PETALING JAYA : More than a month since its release, the Netflix hit K-drama Squid Game continues to take Malaysia and the rest of the world by storm.
Squid Game was officially inducted into the cultural zeitgeist after viral trends inspired by the series began sprouting in every corner of the globe.
It took almost no time for Malaysians to shuffle into their kitchens to recreate the Honeycomb Candy Challenge which is also known as Korean Dalgona Candy that’s found as a street snack in South Korea.
Fans have been making this sweet treat to carve out a shape from the delicate creation but unlike the show, no one will be subjected to death should they crack the candy.
On social media platforms such as TikTok, vloggers have been cooking up a mixture of melted sugar and baking soda to replicate the game and the hashtags #dalgona, #dalgonachallene, #dalgonarecipe and #dalgonacandy have reached more than one billion views.
Those who need more than a sugar rush to fix their Squid Game cravings have resorted to other means to experience the deadly game.
How about dining in a café where you can play the now-famous ‘red light, green light’ game?
A Jakarta café saw its earnings triple after patrons were given the chance to dine and take part in the playground game that involves running through a course and freezing upon command.
Squid Game trends have also infiltrated the beauty sector and a manicure salon just outside Kuala Lumpur nailed it when it started offering customers painted and press-on designs including the show’s red jumpsuit or pink-ribboned coffin.
Netflix recently placed the giant ‘red light, green light’ doll in Sunway Pyramid for fans to be a part of the Squid Game universe.
The 12-foot-tall doll is accompanied by her own crew of mask-clad game managers to welcome fans of the series from now until October 31.
Yes, just in time for Halloween.
Fans can recreate their own less-lethal version of the game by heading over to Sunway Pyramid’s LG1 Atrium, opposite Costa Coffee, where the imposing doll watches eerily over a replica of the show’s playground.
The doll is even located at selected entrances in the mall where temperatures are scanned – only those with green light may enter.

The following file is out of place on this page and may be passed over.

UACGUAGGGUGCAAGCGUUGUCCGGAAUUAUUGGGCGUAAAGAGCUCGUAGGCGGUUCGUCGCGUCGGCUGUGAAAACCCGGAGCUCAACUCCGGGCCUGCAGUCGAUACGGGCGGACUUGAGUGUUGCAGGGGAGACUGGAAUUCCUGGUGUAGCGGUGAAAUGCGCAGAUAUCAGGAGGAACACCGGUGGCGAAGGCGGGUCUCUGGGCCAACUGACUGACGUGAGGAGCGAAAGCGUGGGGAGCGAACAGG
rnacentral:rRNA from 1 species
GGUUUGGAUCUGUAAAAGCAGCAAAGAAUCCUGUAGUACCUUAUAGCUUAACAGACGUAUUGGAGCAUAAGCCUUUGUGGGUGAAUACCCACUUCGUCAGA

Squid Game is a dystopian survival thriller that sees 456 players in debt risking life and limb to win 45.6 billion Korean won (RM161 million) by participating in a series of challenges inspired by children’s playground games.
The allegorical tale about class disparity in South Korea quickly became Netflix’s crown jewel after it hit 111 million views within 17 days of its release.
Last week, Bloomberg reported that Netflix’s biggest original series launch is estimated to be valued at a whopping US$900 million.
The show was made with a budget of US$21.4 million.
The figures that were pulled from an internal Netflix document revealed that 66 per cent of viewers finished watching the series in the first 23 days and it’s also the first Korean drama to make the top spot in the US, even spurring interest in learning Korean.
To say the least, Netflix has struck gold with its latest Korean language original.
Whether it’s a video game in the making or a real-life game, the possibilities seem to be endless for the Squid Game intellectual property (IP) that has left other streaming platforms green with envy.
In China, Squid Game is a hit even though Netflix isn’t available in the country with millions watching the show through illegal distribution, according to various media outlets.
The news prompted the South Korean ambassador to China to ask Chinese authorities to act against the piracy, AFP reported.
Once an IP is released into the public sphere and exposed to the masses, the IP can become vulnerable to infringement or profiteering.
Creators and owners can safeguard their intellectual property assets by exploring various means of protection.
Henry Goh & Co provides IP services to diverse clients from all sectors of industry; be it sole proprietors and start-ups to small-medium enterprises and multinational companies.
The Malaysian firm is a recognised expert in patent, trademark, industrial design and copyright protection.
*This article is brought to you by Henry Goh & Co.
By : MELANIE CHALIL – MALAY MAIL